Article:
Killer of British diplomat in Lebanon arrested
Killer of British diplomat in Lebanon arrested
The arrest was confirmed by the Lebanese National News Agency (NNA) correspondent. “The Information Branch of the Internal Security Forces managed to arrest the killer. He was identified as Tarek H., a taxi driver,” said the news agency.
The agency quoted its correspondent as saying that “Tareq had picked up Dykes on Friday evening from Beirut’s Gemmayzeh district where she was on a night out. He drove her from Ashrafieh to the Metn Expressway where he attempted to rape her. He then strangled her with a rope and threw her body away.”
The NNA correspondent said that the Information Branch managed to identify and arrest the killer — who admitted to the crime — after following his car on the Traffic Management Center’s road monitoring cameras between Ashrafieh and Nahr Al-Mot area.
According to a source quoted by Reuters, “the motive was purely criminal, not political.”
Dykes had worked at the British Embassy for the Department for International Development, her LinkedIn page said.
British ambassador to Lebanon Hugo Shorter said on Sunday: “The whole embassy is deeply shocked, saddened by this news.”
Dykes’ family said in a statement issued by Britain’s Foreign Ministry: “We are devastated by the loss of our beloved Rebecca. We are doing all we can to understand what happened.”
Istanbul summit aimed at avoiding new humanitarian disaster in Idlib
- The event will focus on ‘harmonizing joint efforts for finding a lasting solution to the conflict’
- Germany and France welcomed the Turkey-Russia deal on Idlib that had set Oct. 15 as the deadline for removing all radical groups from a demilitarized zone in the province
ANKARA: Turkish President Recep Tayyip Erdogan, German Chancellor Angela Merkel, French President Emmanuel Macron, and Russian President Vladimir Putin are expected to attend a critical four-way summit on Syria in Istanbul next Saturday.
They will discuss recent developments in the war-torn country as well as projections for a political settlement.
Experts have underlined the importance of this summit in providing a strong push for key EU countries to work together with regional players to end the years-long conflict in Syria as it will gather the four countries’ leaders at the highest level.
The summit will focus on the recent developments in the opposition-held northwestern province of Idlib, and the parameters of a possible political settlement.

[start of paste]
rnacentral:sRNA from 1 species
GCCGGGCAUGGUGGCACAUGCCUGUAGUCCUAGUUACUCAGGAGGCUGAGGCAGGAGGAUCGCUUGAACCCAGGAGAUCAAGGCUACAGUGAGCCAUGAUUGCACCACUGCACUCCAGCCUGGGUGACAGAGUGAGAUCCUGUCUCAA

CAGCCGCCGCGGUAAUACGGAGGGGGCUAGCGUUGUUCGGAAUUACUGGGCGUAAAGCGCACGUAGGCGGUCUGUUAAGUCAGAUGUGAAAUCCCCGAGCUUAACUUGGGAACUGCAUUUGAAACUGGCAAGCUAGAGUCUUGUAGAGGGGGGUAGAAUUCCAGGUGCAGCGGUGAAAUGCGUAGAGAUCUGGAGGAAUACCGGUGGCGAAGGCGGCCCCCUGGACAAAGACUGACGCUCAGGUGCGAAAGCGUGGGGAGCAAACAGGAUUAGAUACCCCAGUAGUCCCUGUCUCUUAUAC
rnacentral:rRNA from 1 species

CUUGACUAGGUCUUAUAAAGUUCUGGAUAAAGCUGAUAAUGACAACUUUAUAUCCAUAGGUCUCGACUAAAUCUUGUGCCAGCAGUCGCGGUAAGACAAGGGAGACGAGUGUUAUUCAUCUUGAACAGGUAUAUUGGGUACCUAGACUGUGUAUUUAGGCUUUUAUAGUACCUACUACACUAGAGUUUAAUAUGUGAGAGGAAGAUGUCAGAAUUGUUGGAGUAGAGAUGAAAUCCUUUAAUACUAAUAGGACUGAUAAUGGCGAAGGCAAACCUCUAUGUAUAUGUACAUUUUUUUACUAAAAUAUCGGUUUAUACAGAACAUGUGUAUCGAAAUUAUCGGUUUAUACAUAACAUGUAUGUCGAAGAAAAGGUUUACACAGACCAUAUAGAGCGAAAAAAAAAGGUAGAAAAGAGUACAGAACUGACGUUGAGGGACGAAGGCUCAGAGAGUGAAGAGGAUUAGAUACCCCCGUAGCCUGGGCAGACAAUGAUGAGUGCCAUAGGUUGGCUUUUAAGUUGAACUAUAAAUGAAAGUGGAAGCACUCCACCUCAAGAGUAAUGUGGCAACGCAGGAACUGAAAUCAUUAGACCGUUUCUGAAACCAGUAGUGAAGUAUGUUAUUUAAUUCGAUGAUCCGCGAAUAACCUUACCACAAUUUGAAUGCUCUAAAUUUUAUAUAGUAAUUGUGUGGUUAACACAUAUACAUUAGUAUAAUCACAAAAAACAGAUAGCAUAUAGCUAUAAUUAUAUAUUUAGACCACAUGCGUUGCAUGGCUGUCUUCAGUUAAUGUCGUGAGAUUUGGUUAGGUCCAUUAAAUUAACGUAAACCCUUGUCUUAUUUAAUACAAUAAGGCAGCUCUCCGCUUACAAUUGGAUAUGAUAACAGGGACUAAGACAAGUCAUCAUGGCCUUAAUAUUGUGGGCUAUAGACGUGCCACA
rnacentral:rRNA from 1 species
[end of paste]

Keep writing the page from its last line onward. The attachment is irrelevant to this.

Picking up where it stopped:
The ways for preventing a new refugee inflow from Idlib into Europe via Turkey, which is home to about 3.5 million Syrian residents, following a possible offensive by the Assad regime will also be raised as a topic that mainly concerns France and Germany and pushes them to work more closely with Turkey and Russia.
The summit will also aim at “harmonizing joint efforts for finding a lasting solution to the conflict,” presidential spokesperson Ibrahim Kalin announced on Friday.
Germany and France welcomed the Turkey-Russia deal on Idlib that had set Oct. 15 as the deadline for removing all radical groups from a demilitarized zone in the province. Although the withdrawal of some opposition groups from the zone has not been accomplished in due time, Ankara and Moscow have agreed to extend the deadline for Idlib, which is still a strategic area where the opposition holds out.
“Turkey and Russia want the status quo for Idlib. Although the jihadists have not withdrawn from the demilitarized zone, Russia is turning a blind eye,” said Fabrice Balanche, an associate professor and research director at the University of Lyon II.
“Turkey will make some efforts to save face. Turkish proxies have withdrawn because Turkey pays wages, so they must obey, but for the jihadists it is more complicated,” he told Arab News.
According to Balanche, without the complicity of Turkey, the Syrian regime cannot take over the north of the country.
“In exchange, Turkey wants a buffer zone in the north, all along its border. The main objective is, of course, to eliminate the Syrian Kurdish YPG from the border as it has already done in Afrin. A secondary objective is to protect its opposition allies and the Turkmen minorities, many in the province of Idlib but also between Azaz and Jarablus,” he said.
But the summit also shows that these four countries need each other in the Syrian theater as each of them has stakes regarding the settlement of the crisis.
Emre Ersen, a Syria analyst at Marmara University in Istanbul, said the main goal of the summit is to provide a major diplomatic boost to the ongoing Astana and Sochi peace processes, which have so far been led mainly by Turkey, Russia and Iran.
“A second and maybe even more important goal is to include France and Germany in the reconstruction efforts in Syria once the civil war is over,” he told Arab News.
Considering the cost of the reconstruction, estimated at about $400 billion, Ankara, Moscow and Tehran are not ready to take this enormous financial burden without the financial support of the West, Ersen said.
“Both Paris and Berlin hope that Ankara’s ongoing efforts to prevent a humanitarian crisis in Idlib can be successful. If the settlement in Idlib does not work, everybody is aware that this may lead to a big refugee crisis for both Turkey and Europe once again,” he added.
Martina Fietz, deputy spokeswoman for the German government, told a news conference in Berlin that her country is also hopeful about the forthcoming summit’s potential contribution to the stabilization of Idlib’s de-escalation zone.
“Progress in the UN-led political process, in particular the commencement of the work of the constitutional commission, will be discussed,” she said.
The chief foreign policy advisers of the quartet have met in Istanbul in recent weeks to discuss the agenda of the summit.